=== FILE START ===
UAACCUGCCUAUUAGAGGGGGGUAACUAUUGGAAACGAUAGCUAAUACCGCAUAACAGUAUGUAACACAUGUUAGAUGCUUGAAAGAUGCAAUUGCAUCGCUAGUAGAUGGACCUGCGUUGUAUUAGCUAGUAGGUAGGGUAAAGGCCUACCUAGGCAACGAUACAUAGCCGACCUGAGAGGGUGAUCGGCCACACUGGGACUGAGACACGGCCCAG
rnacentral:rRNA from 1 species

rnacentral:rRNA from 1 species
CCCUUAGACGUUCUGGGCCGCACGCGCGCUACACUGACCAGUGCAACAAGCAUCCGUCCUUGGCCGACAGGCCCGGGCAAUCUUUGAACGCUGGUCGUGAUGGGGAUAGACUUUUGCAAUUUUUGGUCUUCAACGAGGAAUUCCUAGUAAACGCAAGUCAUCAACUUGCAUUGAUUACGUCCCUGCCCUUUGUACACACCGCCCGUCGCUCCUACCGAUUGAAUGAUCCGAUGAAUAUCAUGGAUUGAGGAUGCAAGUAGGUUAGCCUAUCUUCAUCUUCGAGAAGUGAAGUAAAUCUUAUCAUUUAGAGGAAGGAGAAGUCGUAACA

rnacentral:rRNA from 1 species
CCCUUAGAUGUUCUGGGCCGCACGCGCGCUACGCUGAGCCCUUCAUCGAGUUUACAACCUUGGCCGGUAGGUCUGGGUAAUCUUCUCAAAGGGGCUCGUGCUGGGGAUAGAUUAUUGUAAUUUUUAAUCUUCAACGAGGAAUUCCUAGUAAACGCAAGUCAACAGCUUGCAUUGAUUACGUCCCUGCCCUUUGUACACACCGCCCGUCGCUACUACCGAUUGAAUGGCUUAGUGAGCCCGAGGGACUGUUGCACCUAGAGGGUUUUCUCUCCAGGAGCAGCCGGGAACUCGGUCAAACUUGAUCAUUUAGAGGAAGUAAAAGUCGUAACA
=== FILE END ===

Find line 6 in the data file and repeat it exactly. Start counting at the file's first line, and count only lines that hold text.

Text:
CCCUUAGAUGUUCUGGGCCGCACGCGCGCUACGCUGAGCCCUUCAUCGAGUUUACAACCUUGGCCGGUAGGUCUGGGUAAUCUUCUCAAAGGGGCUCGUGCUGGGGAUAGAUUAUUGUAAUUUUUAAUCUUCAACGAGGAAUUCCUAGUAAACGCAAGUCAACAGCUUGCAUUGAUUACGUCCCUGCCCUUUGUACACACCGCCCGUCGCUACUACCGAUUGAAUGGCUUAGUGAGCCCGAGGGACUGUUGCACCUAGAGGGUUUUCUCUCCAGGAGCAGCCGGGAACUCGGUCAAACUUGAUCAUUUAGAGGAAGUAAAAGUCGUAACA